Review: Last year Burial and the Bug joined forces as Flame 1, delivering an in-demand EP on the latter's Pressure label featuring two sizable slabs of industrial strength soundsystem science. Here they return as Flame 2, once again offering up a pair of weighty dancefloor excursions. A-side "Dive" is a loud and claustrophobic affair, as the duo wraps dystopian dub bass and sparse, mutilated post-drill rhythms in layers of apocalyptic aural textures and mind-altering dub techno style processed noise. Flipside "Rain" is arguably more suitable for dancefloor plays and sees the esteemed twosome combine pulverizing sub-bass heaviness with dancehall style drums that come smothered in mind-melting effects and paranoia-inducing aural smoke.
Review: Finally. More presses of the killer 002 from Run Outs land and it's every bit as chilling as it was when they first teased us with it. "Unstable" is a meditative shimmering brew, unhurried and pace-setting while "Monolith" flips the vibe for something a little more warped and weird. Linking with mysterious producer Gisaza, they add a grumbling bassline, creepy arpeggios and sudden switches under a hazy cosmic sheen. Powerful stuff. You'd be wise to snap up on this before they Run Out again (not sorry).
Review: Uncompromised 140 magic right here as Tokyo's Helktram returns with their first full single in over two years. This time coming on Trusik, each cut flexes into a different dimension. Opening track "Suggestive Effect" hits like a pneumatic techno drill, marching militantly into your cortex with its staccato drill. "Insecure" plays the consummate foil with its glacial textures and weeping, woozy chords while "Iron Box" brings things together with a classic Coki-style pinched wobble driving the groove both back and forth in time.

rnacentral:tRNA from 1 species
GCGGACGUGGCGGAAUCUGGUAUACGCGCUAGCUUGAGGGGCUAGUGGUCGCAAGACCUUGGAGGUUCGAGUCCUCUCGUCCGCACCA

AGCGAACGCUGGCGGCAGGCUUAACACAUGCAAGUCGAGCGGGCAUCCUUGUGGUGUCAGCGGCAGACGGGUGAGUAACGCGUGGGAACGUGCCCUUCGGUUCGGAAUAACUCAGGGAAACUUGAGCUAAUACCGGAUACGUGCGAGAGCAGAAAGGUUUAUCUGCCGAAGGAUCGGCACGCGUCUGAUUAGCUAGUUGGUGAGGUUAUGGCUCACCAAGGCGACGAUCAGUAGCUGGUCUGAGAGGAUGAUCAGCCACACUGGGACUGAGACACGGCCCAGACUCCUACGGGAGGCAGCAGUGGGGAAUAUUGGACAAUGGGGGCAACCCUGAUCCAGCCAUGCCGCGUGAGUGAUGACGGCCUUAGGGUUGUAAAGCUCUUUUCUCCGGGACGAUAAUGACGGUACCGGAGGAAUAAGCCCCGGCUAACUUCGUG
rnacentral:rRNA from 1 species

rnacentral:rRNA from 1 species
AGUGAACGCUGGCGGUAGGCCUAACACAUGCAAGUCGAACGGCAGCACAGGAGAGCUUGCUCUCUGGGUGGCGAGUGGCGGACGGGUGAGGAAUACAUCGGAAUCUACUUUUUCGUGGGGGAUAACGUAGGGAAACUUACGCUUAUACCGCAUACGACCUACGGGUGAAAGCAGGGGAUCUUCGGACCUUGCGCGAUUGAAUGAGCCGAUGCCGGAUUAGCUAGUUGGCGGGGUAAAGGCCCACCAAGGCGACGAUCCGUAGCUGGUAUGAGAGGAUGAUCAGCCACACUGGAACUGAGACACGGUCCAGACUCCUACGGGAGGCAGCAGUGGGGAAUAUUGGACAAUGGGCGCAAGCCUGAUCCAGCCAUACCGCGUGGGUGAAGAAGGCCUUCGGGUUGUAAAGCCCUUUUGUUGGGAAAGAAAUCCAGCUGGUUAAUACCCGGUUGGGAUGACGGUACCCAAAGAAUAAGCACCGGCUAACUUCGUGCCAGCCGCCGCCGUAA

Review: Having appeared on the likes of Nous Disques, Dream Eater and Collection Artaud, it was only a matter of time before London beat splicer J-Shadow's glacial, unnerving textures and sounds would find a home on Bun The Grid. With strong senses of techno and electro deep in the low-end mix, highlights include the nutty, almost breakcore style flippery of "No Gravity" the powerful technoid dirge of the title track "Embers". Loaded with remixes from none other than Etch and Danny Scrilla, once again BTG have spoilt us rotten.
Review: Scrub A Dub dub, two men in a tub. They're called Rapture 4D and newcomer Ruda and they're making some pretty stinking noises. "Hubble Flow Dub" transmits messages to the furthest corners of the cosmic over a rumpy-pumpy bass riff while "Left Hand Path" celebrates all the southpaws of the land with an eerie theramin-led bleep mosaic. Flip for two Rapture originals as "Skylab" takes us right down under the earth's crust with its swampy, gloopy flow and textures and "Kosmos Redshift" closes us on a freaky space jazz trip. Scrub's up!